7. The apparatus of claim 1, wherein policy decisions are based on capacity limits of any of base station equipment and backhaul links by maintaining different profiles therefor in said database.
8. The apparatus of claim 1, further comprising:
a Deep Packet Inspection (DPI) engine, wherein said Classification and Shaping interface provides an interface for RAN awareness intelligence to interact with a third party DPI engine.
9. The apparatus of claim 1, wherein said RAN aware traffic shaping control is located between a radio network controller (RNC) and a Serving GPRS Support Node (SGSN); wherein said RAN aware traffic shaper extracts cell/sector location awareness information from control messages between the RNC and a SGSN; and wherein said RAN aware traffic shaping control tracks said crowding factor and delay metrics towards each cell/sector hosted by said RNC.
10. The apparatus of claim 1, wherein said RAN aware traffic shaping control comprises a stand-alone facility next to a General Packet Radio Service (GGSN).
11. The apparatus of claim 1, wherein said RAN aware traffic shaping control is integrated into a General Packet Radio Service (GGSN).
12. The apparatus of claim 1, wherein location awareness is constructed by querying any of a radio network controller (RNC), a Serving GPRS Support Node (SGSN), mobile switching center (MSC), home location register (HLR), and user equipment (UE).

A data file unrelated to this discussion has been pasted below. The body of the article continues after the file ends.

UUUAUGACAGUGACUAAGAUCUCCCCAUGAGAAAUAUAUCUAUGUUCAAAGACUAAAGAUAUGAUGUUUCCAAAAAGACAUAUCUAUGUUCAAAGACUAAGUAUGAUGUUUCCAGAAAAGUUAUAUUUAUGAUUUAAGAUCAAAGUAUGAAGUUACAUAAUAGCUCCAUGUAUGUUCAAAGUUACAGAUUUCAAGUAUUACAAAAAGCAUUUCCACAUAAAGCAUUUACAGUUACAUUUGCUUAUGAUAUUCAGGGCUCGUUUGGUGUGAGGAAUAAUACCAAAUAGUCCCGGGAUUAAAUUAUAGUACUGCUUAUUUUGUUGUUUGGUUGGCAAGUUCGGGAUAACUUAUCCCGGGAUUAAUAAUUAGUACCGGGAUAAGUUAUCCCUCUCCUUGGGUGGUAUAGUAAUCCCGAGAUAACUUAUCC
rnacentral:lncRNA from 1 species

13. The apparatus of claim 1, wherein said processor is further configured to:
determine whether peer messaging between the apparatus and a mobile device is available;
receive a message containing cell load metrics from the mobile device by a direct channel when peer messaging is available; and
receive a message containing cell load metrics piggybacked into a protocol header when peer messaging is not available.
14. A computer implemented method for fine-grained RAN aware traffic prioritization in spectrum constrained wireless networks that support differentiated service plans, comprising the steps of:
receiving cell load metrics from a client side collection module, Peer Agent (PA), in a mobile device, where the cell load metrics comprise a signal-to-interference-plus-noise ratio computed by RF hardware of the mobile device and a ratio of RF frame arrival rate to a predetermined possible RF frame rate under low load conditions;
supplying the cell load metrics to a processor configured for executing a Fine grained Traffic flow Prioritization Engine (FTPE);
said processor deriving knowledge about a mobile's subscription plan from a Subscription Profiles Repository (SPR); and
said processor applying dynamic control on traffic prioritization through an operator policy control engine, Policy and Charging Rules Function (PCRF) module, based on the received cell load metrics.
15. The method of claim 14, wherein said FTPE works with flexible flow aggregation rules to simplify and scale prioritizing, blocking, and deferring decisions.
16. The method of claim 14, further comprising the step of:
said FPTE applying Deep Packet Inspection (DPI) techniques to identify application flows, and using hierarchical queue disciplines to achieve necessary flow control.
17. The method of claim 14, further comprising the step of:
said FPTE using an adjunct Deep Packet Inspection (DPI) module to perform flow identification.
18. The method of claim 14, further comprising the step of:
supplying RAN awareness to said FPTE from its peer agents (PA) on mobile devices.